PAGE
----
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Date:      Mon, 12 May 2003 15:20:32 +0100
From:      Matthew Seaman <>
To:        Leroy/Admin/Manager <>
Subject:   Re: Upgrade or Install new version of freebsd for Sendmail 8.12.9
Message-ID:  <>
In-Reply-To: <000001c31854$5e90c010$0264a8c1@3dmdomain.local>
References:  <000001c31854$5e90c010$0264a8c1@3dmdomain.local>

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On Mon, May 12, 2003 at 12:01:52AM -0700, Leroy/Admin/Manager wrote:

> First i would like to say freebsd is the best server software i have ever
> used in my life time.  Still to this day i am not sure how update a worki=
> server with DNS and sendmail running with over 100 customers using the
> system.

I take it you aren't asking precisely about the standard mechanisms
for updating a FreeBSD system which are well documented on the site or in many excellent websites and books readily
available all round the world? Rather that you are asking what
strategies you can employ to update software on a busy system with
minimal required downtime and minimal chance of anything going
horribly wrong.

If I'm wrong about that, then I'll refer you to the Handbook --
Chapter 21:

which is a good starting point.

Now, on the deeper question of what strategies you can use to reduce
your risk to production systems:

    i) Choose an appropriate base version of FreeBSD to work from.
    That's pretty much got to be a -RELEASE branch for the sort of
    application you're talking about.  At the moment, I'd choose
    4.8-RELEASE (RELENG_4_8_0) --- 5.x is not yet fit for purpose.
    The -RELEASE branches were created specifically to address the
    situation you're facing: important updates (usually security
    related) that have to be applied without all the baggage of new
    development work that goes into -STABLE or -CURRENT.

    ii) Don't fall into the trap of thinking you can set up the system
    and then ignore it while it works away happily for evermore.  The
    best way to ensure that you don't have problems when updating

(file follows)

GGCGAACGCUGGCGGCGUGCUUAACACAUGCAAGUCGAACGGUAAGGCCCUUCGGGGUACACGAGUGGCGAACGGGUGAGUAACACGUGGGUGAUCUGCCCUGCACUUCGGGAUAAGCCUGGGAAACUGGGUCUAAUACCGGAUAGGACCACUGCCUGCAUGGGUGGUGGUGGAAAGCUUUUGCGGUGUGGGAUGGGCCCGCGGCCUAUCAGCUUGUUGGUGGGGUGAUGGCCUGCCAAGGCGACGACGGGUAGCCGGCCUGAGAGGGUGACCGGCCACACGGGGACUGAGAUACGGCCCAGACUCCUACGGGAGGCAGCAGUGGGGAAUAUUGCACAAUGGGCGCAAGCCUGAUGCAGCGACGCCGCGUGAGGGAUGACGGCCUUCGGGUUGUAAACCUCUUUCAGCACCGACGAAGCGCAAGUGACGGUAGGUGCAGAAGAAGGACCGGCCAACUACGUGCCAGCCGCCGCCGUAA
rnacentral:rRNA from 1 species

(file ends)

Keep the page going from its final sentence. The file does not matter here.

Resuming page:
systems is to keep doing it: updates in small jumps are a lot less
    likely to go wrong, and having people available that have rehearsed
    the procedures many times reduces the risks due to fat-finger
    accidents.  That's especially important when you have to upgrade
    at short notice due to the discovery of a serious security flaw
    --- something that happens rather more often than you might think.
    Therefore you should make a regular maintenance schedule for your
    important servers -- doesn't have to be particularly often: every
    three or four months should be enough.

    iii) On the theme of "practice, practice, practice!", it helps to
    have spare kit available which is fairly similar to your
    production equipment, but isn't usually performing a vital
    customer-facing function in day to day use.  These could nominally
    be machines available for testing or as spares that could be
    swapped in should the main machines fail.  If you maintain a
    parallel installation of the same software as on your servers,
    then you can upgrade this and test things out before committing to
    the important hardware.  They would also be ideal for NFS
    exporting /usr/obj or for building packages if your main machines
    don't have the CPU cycles to spare for that.

    iv) SysAdmin 101: never do anything you can't undo.  Usually this